Harasymiak has stressed discipline throughout the preseason, not only to beat just New Hampshire, but in every game.

“My message is clear: we have to play a disciplined football game to have a chance to win,” he said. “That, to me, is the reason they have beaten us seven straight years since I’ve been here. They’ve been more disciplined than us and, obviously, what comes with that is they’ve made plays at crucial times. We haven’t played terrible. It’s been competitive games but they have executed better than us in crucial moments.”

Thursday’s game – win or lose – will have season-long implications. The first five games will be tough, including road games at defending FCS champ James Madison, FBS member Central Florida and perennial CAA power Villanova.

“If we win, if we beat UNH, it will also show us where we are as a team,” said Chris Ferguson, the redshirt freshman who will make his first start as Maine’s quarterback. “Beat them, get that first win, it will give us a lot of confidence.”

And the musket.

Mike Lowe can be contacted at 791-6422 or:

Twitter: MikeLowePPH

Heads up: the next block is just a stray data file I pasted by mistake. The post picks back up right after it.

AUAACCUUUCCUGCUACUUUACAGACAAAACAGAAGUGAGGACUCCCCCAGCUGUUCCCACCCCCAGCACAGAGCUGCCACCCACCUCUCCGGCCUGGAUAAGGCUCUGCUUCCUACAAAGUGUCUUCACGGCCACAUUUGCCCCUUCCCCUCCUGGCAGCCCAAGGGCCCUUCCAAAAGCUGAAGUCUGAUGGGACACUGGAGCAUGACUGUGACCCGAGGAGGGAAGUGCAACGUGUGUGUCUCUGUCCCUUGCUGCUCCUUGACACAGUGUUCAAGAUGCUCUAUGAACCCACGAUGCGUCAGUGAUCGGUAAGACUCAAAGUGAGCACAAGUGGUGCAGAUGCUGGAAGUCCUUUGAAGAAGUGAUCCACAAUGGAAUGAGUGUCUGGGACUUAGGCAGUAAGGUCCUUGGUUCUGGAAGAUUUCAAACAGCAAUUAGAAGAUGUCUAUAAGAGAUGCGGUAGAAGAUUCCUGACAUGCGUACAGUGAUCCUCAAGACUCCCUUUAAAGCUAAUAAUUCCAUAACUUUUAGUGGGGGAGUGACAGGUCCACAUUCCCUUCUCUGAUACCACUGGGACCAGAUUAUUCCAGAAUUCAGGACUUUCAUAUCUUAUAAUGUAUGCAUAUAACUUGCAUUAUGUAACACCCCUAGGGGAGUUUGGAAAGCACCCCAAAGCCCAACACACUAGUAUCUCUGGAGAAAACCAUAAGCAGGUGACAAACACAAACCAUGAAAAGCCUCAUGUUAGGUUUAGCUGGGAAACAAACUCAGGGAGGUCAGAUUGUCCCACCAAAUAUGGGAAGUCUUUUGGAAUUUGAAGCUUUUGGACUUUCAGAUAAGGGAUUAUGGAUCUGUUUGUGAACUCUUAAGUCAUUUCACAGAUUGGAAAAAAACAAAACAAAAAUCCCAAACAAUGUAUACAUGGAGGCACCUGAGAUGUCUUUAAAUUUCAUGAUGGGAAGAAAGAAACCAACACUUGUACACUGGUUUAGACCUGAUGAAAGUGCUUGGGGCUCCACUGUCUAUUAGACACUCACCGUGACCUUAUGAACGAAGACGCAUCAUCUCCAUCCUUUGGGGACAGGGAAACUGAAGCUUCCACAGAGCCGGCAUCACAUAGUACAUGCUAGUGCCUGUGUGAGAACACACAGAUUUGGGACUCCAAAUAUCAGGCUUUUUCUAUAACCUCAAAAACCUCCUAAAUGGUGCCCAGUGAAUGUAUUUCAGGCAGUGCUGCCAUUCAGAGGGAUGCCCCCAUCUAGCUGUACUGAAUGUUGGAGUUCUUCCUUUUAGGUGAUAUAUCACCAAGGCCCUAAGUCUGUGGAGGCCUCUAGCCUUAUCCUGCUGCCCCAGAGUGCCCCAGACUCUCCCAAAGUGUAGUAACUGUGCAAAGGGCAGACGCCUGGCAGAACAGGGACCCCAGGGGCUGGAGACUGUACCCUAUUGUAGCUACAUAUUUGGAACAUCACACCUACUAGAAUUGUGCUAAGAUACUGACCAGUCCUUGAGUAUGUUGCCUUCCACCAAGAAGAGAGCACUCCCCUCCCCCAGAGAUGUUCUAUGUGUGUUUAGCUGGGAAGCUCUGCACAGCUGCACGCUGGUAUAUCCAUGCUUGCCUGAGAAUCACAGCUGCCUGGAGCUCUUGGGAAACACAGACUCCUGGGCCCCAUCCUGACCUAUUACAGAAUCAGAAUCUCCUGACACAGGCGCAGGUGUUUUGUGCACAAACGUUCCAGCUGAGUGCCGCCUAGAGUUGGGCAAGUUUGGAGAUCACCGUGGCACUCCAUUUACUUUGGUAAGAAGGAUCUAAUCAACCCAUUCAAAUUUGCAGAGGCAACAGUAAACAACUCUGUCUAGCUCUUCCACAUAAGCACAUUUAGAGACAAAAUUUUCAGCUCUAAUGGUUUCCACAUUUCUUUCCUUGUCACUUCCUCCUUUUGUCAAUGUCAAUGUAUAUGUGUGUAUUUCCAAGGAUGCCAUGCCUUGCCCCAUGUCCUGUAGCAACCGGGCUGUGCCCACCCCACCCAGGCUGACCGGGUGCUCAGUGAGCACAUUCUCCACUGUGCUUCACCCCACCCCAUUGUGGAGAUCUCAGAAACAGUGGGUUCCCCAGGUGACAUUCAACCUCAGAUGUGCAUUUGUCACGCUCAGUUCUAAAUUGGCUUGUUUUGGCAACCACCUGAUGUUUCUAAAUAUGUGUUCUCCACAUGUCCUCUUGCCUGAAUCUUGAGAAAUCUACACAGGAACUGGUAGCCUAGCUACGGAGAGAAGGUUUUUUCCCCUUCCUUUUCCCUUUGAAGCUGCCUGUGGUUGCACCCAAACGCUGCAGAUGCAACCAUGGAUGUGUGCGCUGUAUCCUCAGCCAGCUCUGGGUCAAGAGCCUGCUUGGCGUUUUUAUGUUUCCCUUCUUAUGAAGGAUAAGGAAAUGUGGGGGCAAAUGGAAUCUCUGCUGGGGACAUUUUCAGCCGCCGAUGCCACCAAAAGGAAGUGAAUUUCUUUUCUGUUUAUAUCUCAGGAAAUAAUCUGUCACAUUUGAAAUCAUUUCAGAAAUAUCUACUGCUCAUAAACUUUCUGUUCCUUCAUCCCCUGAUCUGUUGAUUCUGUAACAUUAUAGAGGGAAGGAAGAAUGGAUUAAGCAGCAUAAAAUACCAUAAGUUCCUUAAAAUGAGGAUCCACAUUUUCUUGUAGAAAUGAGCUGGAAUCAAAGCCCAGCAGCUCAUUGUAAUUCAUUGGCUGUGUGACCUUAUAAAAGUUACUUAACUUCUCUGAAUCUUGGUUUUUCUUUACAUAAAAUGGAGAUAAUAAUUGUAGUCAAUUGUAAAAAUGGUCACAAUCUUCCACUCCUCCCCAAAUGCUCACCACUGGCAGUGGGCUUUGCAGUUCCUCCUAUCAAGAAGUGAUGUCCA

]]> 0 Coach Joe Harasymiak has reminded his team that it had its playoff hopes dashed last season by the team it will face in its season opener this year: UNH.Mon, 28 Aug 2017 21:50:21 +0000
Sports Digest: UMaine defeats Quinnipiac for first field hockey win Mon, 28 Aug 2017 02:08:04 +0000 COLLEGES

UMaine beats Quinnipiac for first field hockey win

Samantha Wagg and Libby Riedl each had a goal and an assist, and the University of Maine blew past Quinnipiac for a 3-1 field hockey victory Sunday in Orono.

Wagg scored off Emily Hindle’s corner 15 minutes in.

Ella Mosky, with assists from Wagg and Riedl, doubled the lead for the Black Bears (1-1) 10 minutes into the second half before Valerie Perkins broke through for the Bobcats (0-2). Riedl scored Maine’s final goal off a pass from Brianna Ricker.

Livy Golini of York kept the game close for Quinnipiac, making 13 saves to partially offset Maine’s 30-3 shot advantage. Emma Cochrane had two saves for Maine.

WOMEN’S SOCCER: Carly Wilhelm scored a pair of first-half goals to lead Northeastern (3-1) to a 3-0 win over Maine (0-2-1) at Orono.

Kayla Cappuzzo added a second-half goal when her centering pass was deflected in by a Maine defender.

Nathalie Nietch made three saves for Northeastern (3-1). Annalena Kriebisch stopped six shots for the Black Bears (0-2-1).


MAJOR LEAGUES: The Detroit Tigers placed designated hitter Victor Martinez on the 10-day disabled list because of an irregular heartbeat, his second trip to the DL this season for the condition.

Manager Brad Ausmus said Martinez experienced a racing heart after his last at-bat Saturday against the Chicago White Sox. Ausmus said Martinez spent the night in a hospital and his heartbeat was regulated. Martinez was expected to be released and travel by car to Detroit.